Perception is reality. Nowhere is this more apparent than the dominant, mainstream discourse regarding environmental reality. As I commented on The Green Majority today, yesterday’s episode of “Power and Politics” on CBC featured a segment regarding the situation that Canadian, western farmers have been unable to get their grains to ports, and therefore to foreign markets.
The air brakes on trains are negatively affected by cold temperature. Due to the extremely cold winter, rail companies have been running shorter trains so as to operate within the reduced safety limits of these brakes. The upshot of reduced rail capacity is that last year’s bumper is being transported too slowly, resulting in a loss to farmers of about five billion dollars.
The three MPs interviewed in this segment (the Green party is seemingly never invited to participate) all agreed this is a crisis. Of course, no one questioned, or even mentioned, our carbon-mad policies that are guaranteeing more and worse such weather events over time. It seems we are going to continue to bail water in a sinking ship without ever addressing the gaping hole in the hull. As I commented on the show, it seems to be always in our short term interests to worsen our long term outcomes.
Ironically, grain transport might also be getting crowded out by increased bitumen transport. Meanwhile, the Pentagon just released their Quadriennial Defense Review (QDR).
From the US Department of Defense website:
“The Quadrennial Defense Review (QDR) is a legislatively mandated review of Department of Defense strategy and priorities. The QDR will set a long-term course for DOD as it assesses the threats and challenges that the nation faces and re-balances DOD’s strategies, capabilities, and forces to address today’s conflicts and tomorrow’s threats.”
From the QDR itself:
“Climate change poses [a] significant challenge for the United States and the world at large. As greenhouse gas emissions increase, sea levels are rising, average global temperatures are increasing, and severe weather patterns are accelerating.”
“The pressures caused by climate change will influence resource competition while placing additional burdens on economies, societies, and governance institutions around the world.”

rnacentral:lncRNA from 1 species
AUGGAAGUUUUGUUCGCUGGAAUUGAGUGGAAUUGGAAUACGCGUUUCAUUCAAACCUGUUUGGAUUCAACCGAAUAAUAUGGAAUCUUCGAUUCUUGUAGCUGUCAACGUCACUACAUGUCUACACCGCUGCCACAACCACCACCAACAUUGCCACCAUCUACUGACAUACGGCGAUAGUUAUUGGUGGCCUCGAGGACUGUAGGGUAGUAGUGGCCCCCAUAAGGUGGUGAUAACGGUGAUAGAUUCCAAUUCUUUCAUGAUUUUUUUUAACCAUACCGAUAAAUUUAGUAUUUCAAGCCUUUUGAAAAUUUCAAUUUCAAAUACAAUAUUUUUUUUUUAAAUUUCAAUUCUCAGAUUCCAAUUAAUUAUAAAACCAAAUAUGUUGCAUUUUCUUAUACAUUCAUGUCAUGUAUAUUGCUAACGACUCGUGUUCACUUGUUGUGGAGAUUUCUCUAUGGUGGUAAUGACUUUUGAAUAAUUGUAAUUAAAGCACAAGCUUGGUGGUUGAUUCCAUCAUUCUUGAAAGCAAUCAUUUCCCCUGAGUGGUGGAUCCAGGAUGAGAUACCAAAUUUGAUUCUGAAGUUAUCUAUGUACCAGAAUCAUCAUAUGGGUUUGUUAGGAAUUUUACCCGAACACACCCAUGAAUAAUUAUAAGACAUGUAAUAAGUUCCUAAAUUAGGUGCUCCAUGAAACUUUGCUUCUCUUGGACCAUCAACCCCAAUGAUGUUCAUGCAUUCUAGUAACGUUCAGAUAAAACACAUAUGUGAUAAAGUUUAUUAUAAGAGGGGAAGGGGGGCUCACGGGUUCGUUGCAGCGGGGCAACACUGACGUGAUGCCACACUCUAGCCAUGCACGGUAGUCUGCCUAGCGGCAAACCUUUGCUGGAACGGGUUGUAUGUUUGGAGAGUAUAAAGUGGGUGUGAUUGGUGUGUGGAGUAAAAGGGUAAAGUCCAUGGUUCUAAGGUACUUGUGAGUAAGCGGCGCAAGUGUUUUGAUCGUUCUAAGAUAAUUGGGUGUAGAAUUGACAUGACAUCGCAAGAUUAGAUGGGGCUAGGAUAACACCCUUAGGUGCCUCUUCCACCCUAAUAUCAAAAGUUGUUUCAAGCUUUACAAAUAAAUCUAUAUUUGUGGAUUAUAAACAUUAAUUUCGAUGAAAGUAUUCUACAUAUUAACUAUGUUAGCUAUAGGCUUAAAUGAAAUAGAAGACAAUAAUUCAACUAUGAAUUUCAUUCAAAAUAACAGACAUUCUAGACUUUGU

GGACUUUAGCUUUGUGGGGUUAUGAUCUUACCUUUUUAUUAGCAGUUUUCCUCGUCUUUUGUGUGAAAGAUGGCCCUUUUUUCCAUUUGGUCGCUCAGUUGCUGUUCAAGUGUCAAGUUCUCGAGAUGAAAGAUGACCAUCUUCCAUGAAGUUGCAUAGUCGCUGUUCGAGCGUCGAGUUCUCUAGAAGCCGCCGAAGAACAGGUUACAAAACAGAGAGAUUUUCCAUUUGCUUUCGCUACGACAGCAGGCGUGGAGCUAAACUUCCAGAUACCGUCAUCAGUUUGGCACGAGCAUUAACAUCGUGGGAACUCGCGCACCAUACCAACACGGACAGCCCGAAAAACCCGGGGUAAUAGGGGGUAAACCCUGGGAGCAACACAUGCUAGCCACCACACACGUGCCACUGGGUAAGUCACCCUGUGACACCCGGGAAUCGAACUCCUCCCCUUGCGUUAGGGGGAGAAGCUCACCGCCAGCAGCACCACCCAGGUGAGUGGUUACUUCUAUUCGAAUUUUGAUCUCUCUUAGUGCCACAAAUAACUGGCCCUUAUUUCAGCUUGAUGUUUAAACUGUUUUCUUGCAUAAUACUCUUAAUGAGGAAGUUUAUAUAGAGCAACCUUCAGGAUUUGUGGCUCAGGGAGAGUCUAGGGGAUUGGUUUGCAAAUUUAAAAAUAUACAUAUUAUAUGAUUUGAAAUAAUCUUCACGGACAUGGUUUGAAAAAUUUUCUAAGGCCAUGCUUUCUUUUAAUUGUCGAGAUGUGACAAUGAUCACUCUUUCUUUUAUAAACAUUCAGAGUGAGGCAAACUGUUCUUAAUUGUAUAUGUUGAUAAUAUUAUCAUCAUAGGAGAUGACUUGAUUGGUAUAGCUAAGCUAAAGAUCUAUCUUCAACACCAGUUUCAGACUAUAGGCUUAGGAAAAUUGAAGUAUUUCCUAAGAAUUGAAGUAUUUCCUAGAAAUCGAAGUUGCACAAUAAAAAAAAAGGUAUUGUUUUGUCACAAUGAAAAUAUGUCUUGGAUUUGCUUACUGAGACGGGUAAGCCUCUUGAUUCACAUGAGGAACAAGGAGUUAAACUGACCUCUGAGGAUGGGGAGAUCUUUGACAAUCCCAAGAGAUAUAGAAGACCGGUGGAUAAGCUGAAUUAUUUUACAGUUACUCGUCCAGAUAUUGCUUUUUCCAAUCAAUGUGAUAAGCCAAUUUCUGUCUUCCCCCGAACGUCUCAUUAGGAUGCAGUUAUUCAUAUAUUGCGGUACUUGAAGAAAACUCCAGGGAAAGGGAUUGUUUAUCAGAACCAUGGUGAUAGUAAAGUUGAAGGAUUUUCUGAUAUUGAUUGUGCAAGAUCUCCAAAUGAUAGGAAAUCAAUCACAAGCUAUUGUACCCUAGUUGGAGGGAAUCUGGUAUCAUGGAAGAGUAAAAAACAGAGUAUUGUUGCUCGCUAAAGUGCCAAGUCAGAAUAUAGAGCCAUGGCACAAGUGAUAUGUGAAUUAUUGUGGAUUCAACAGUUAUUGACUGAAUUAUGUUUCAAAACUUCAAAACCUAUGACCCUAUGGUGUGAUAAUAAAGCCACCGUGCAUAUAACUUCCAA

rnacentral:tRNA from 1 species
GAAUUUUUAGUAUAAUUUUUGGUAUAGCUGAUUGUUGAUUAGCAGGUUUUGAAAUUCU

“These effects are threat multipliers that will aggravate stressors abroad such as poverty, environmental degradation, political instability, and social tensions – conditions that can enable terrorist activity and other forms of violence.”
The Pentagon has been citing climate change as a strategic threat for several years. In the 2010 QDR, climate change had its own section. Given the range and gravity of the scenarios the Pentagon must contemplate in its analyses, it speaks volumes that climate change figures prominently in the QDR. Moreover, the language of the QDR treats climate change as reality and not a potential, future risk.
The Pentagon sees climate change as a factor impacting global, geo-political stability. “Power and Politics” and sitting Canadian MPs do not see climate change as a factor in an economic crisis impacted by extreme weather. Then again, the Pentagon does not appear to have a plan to reduce its massive carbon footprint. Talk about a negative feedback loop.
Our perceptual prison regarding environmental reality is profound. Today, Daryn interviewed the founder of the Buycott app (http://www.buycott.com/); an app the purpose of which is to help people make informed “consumer” choices. I think this is a great idea. But it is not lost on me that this app runs on “smart” phones: manufactured from conflict minerals by slave labour and destined to become toxic e-waste in the biosphere after poisoning desperate, exploited workers who “recycle” some of their materials.
It is time to demand that our publicly funded, national broadcaster start posing relevant questions to policy-makers. The perceptions of the dominant discourse are creating our environmental reality.– Kevin Farmer (AKA Dr. Doom) Green Majority Radio Co-host